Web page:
Drywall describes the material used to make up the clean, flat wall and ceiling surfaces in your home. There are currently two kinds of drywall. Plaster or Sheetrock.
Plaster refers to a system called “lath and plaster,” which prior to WWII was the main interior wall surface in the US. Lath and plaster is applied by trowel to a wood lathing (lattice) that was nailed across the wall studs to form a backing for the plaster material. This was labor intensive because the lattice backing had to be applied to the wall studs by hand, then the plaster was spread over it in several successive coats, each of which had to dry. Plaster is a cement product and creates surfaces that are quite hard and durable. Textures can be applied to plaster in infinite artistic patterns. Plaster is still used today to patch older homes and can also be floated over the entire surface of wall board in the form of “thin-wall” plaster to form a hard plaster-like finish.
The other drywall material is called Sheetrock which is the tradename for the wall board material of the US Gypsum company. Sheetrock wall board was invented in 1916 but was not widely adopted for use till after WWII. Sheetrock type drywall comes in standard 4’x8′ sheets and is applied directly to the interior framing of the home. These drywall sheets span over the studs covering the insulation, wire, plumbing and ductwork that are contained in the walls. The use of Drywall also provides an element of fire protection, slowing and preventing flames from reaching the main wood framing members of the structure for up to an hour.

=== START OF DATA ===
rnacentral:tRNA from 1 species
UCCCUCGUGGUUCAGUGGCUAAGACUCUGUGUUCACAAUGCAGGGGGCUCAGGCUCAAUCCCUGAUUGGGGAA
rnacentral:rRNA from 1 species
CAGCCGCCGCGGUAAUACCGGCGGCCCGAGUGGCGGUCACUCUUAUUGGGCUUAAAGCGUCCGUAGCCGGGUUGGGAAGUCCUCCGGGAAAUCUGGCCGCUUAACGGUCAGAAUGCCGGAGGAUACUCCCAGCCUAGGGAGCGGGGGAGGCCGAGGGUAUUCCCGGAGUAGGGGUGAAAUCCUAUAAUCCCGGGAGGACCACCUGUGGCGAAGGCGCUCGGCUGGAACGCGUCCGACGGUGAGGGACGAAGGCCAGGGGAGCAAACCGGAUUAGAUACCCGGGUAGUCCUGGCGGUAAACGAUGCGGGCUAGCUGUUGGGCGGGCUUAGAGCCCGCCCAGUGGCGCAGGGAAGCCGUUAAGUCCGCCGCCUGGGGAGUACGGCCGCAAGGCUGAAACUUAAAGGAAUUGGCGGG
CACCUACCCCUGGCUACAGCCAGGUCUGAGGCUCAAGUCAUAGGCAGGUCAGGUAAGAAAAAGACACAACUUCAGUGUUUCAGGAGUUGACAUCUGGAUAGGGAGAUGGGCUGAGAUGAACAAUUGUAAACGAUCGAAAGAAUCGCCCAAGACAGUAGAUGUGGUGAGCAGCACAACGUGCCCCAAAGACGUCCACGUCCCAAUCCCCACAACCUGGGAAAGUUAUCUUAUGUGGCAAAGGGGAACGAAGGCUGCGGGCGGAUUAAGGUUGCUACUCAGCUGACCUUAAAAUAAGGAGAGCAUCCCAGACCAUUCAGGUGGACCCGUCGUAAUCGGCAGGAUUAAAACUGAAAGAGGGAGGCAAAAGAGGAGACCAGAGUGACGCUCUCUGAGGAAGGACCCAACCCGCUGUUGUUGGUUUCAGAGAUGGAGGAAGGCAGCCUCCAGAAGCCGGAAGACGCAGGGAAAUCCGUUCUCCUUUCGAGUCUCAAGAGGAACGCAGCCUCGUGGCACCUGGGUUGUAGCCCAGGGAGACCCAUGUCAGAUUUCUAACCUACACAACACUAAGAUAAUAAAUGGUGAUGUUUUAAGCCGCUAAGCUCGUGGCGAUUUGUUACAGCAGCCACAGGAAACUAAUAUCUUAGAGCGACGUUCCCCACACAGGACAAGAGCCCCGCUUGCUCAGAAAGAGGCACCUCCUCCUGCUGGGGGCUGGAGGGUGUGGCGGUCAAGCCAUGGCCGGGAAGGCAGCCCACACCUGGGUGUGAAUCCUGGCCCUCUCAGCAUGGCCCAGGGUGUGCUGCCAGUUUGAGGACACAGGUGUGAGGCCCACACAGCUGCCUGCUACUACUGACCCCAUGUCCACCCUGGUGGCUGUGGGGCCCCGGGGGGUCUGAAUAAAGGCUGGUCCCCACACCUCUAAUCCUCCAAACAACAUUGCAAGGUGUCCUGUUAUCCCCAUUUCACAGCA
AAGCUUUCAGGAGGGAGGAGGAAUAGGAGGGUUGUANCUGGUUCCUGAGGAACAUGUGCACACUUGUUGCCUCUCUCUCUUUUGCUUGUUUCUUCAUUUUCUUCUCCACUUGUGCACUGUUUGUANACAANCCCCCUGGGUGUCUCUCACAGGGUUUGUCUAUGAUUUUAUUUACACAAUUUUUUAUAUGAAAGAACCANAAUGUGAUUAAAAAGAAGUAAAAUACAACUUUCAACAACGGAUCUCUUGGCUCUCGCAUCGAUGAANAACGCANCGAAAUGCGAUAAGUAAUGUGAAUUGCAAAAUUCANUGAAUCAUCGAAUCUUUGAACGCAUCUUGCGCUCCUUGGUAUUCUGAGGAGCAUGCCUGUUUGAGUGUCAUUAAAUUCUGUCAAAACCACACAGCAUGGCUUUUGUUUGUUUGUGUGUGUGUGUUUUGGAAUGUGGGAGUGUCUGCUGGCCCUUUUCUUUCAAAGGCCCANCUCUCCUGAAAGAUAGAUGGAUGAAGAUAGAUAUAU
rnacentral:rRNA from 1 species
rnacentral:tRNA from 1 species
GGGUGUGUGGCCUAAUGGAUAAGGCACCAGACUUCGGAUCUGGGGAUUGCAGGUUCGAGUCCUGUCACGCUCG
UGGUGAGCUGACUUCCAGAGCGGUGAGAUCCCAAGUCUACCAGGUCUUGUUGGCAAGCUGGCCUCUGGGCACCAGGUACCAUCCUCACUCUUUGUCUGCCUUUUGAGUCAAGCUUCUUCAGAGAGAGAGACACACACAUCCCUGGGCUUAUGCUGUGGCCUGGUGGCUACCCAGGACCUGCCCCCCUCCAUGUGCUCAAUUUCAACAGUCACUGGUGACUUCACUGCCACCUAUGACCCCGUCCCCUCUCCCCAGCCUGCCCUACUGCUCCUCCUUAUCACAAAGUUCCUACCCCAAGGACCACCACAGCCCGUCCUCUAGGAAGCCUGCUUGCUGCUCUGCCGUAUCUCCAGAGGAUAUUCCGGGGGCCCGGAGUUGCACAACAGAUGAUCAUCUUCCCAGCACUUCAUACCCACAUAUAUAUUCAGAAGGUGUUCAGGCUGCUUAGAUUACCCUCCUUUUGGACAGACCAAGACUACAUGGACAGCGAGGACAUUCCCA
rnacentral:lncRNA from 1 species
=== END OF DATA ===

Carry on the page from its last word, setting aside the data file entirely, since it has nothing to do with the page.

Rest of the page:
Drywall creates a nice flat surface that can act as an under-layer that accepts all kinds of finishes including paint, fabric, wood paneling, stone, tile, canvas, brick and just about anything. Making painted drywall look nice requires that a number of taping compound finish coats be applied. These must be hand sanded to make joints and nail holes invisible and to achieve a smooth surface with sharp corners. “Nail pops” or small cracks over doors can sometimes show up indicating some movement has taken place. These anomalies might occur at any time but more often they happen as a new home “settles in”.
- 1x per year: Check for holes, cracks or other repairs and patch holes or dings with drywall compound (mud) then sanding or texturing to match existing. For nail pops and small cracks around doors in new homes, its best to wait for at least the first year to pass before addressing these things.